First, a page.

We are so excited to spotlight Emeizmi Mandagi! Born in Jakarta, Indonesia, Emeizmi immigrated to the United States with her asylum-seeking family when she was two years old. As ASAP’s Operations and Membership Engagement Associate, you might find Emeizmi welcoming new members, working on resources about the asylum process, answering members’ questions, and helping ASAP’s operations run smoothly behind the scenes.
“When I was a child, my family and I left Indonesia, a country we called home, to start anew in the hopes of building a better life,” says Emeizmi. “I grew up navigating a complex and inhumane immigration system alongside my family – a system that can prompt feelings of fear, isolation, and confusion. Ultimately, my family and I did not win our asylum case but instead we were granted withholding of removal. My personal experiences as an immigrant fuel my desire to do work that centers the stories of asylum seekers, and to make space for asylum seekers to advocate for the changes they want to see in our asylum system.”
During her first year in college at the University of California, Irvine, Emeizmi interviewed two friends, both of them Iraqi refugees, for a journalism paper. Moved by their stories of leaving Iraq to seek safety in the United States following the U.S. invasion in 2003, Emeizmi decided to major in International Studies, with a focus on the Middle East and North Africa. Through her studies, she hoped to engage in research that would better inform U.S. Middle East policy in a way that centers the needs and desires of the communities being affected by these policies. After college, she began working in the national security and counterterrorism fields, but she quickly felt that her work wasn’t aligning with her values — she wanted to see communities be involved in the work that serves them. In May 2021, she joined ASAP.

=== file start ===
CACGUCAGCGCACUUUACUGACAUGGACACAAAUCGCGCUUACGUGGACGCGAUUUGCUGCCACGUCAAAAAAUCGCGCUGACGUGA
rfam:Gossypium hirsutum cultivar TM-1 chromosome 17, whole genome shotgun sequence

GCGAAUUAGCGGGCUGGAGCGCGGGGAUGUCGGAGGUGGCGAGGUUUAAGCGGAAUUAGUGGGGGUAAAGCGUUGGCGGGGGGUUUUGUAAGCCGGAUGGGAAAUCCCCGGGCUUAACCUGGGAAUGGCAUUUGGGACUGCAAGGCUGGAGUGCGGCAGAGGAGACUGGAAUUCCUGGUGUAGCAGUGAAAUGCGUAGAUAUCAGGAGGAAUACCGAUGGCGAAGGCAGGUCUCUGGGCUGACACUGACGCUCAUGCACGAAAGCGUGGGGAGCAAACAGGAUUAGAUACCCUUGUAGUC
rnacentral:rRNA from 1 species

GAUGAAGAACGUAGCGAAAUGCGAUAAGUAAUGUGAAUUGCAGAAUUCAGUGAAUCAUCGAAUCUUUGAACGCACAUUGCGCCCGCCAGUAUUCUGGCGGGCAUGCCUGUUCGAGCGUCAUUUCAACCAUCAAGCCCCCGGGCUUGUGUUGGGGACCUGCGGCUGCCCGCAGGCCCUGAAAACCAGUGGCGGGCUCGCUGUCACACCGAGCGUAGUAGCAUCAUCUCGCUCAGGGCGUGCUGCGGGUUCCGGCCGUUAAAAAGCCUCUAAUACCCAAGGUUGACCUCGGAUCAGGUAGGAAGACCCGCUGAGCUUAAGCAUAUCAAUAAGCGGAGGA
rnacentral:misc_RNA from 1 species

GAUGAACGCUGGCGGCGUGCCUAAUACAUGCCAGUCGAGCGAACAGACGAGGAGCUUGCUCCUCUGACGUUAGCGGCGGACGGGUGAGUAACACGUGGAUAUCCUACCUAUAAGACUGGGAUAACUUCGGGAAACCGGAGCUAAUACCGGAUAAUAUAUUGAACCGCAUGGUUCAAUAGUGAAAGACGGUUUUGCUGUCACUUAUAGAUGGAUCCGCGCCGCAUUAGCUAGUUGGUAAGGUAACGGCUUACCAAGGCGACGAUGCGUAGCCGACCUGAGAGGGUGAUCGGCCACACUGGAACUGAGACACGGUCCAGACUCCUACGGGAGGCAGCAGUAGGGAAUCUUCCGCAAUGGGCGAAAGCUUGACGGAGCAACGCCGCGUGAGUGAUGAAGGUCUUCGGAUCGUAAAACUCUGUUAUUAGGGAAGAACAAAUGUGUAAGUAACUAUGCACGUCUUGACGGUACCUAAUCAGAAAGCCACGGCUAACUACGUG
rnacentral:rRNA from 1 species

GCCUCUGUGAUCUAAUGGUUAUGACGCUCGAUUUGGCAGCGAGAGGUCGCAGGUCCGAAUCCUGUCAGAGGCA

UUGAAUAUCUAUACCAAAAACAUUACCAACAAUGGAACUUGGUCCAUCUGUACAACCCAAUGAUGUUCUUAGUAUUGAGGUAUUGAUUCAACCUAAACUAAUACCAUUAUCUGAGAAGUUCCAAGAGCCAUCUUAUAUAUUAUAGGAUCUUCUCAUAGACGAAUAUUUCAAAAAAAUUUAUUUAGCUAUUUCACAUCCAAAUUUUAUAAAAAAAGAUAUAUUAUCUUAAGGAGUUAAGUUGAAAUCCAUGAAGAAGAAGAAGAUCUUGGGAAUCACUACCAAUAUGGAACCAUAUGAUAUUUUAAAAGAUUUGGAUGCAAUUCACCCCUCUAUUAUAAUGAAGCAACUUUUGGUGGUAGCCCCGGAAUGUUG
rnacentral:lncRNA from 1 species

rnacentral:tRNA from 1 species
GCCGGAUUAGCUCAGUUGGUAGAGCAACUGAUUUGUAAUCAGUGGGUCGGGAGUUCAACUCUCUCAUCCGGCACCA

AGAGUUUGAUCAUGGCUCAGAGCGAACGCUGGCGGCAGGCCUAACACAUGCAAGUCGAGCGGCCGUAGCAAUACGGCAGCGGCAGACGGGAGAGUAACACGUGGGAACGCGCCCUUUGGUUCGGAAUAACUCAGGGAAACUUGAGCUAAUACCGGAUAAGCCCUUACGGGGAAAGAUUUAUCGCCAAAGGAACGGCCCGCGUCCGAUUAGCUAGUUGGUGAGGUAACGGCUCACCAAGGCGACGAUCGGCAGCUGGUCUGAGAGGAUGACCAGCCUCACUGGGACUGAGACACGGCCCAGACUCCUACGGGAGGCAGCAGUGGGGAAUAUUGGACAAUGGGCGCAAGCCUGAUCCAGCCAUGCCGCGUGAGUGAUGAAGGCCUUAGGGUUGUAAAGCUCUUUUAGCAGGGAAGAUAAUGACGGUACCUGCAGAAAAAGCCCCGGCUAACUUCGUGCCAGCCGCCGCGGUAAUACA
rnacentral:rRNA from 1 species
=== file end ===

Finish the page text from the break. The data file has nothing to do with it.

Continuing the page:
“It has been an immense privilege to be able to work alongside such a resilient and courageous community of asylum seekers – a community I am a part of. I am endlessly inspired by their perseverance to build a more just and humane asylum system, one that is built by the asylum seekers impacted by this very system.”
When Emeizmi’s not working on ASAP’s operations or building member power, she might be taking aerial classes, listening to podcasts, or reading in her Brooklyn apartment. We feel so lucky to get to work with Emeizmi! To learn more about her and the other staff members at ASAP, please visit our staff page.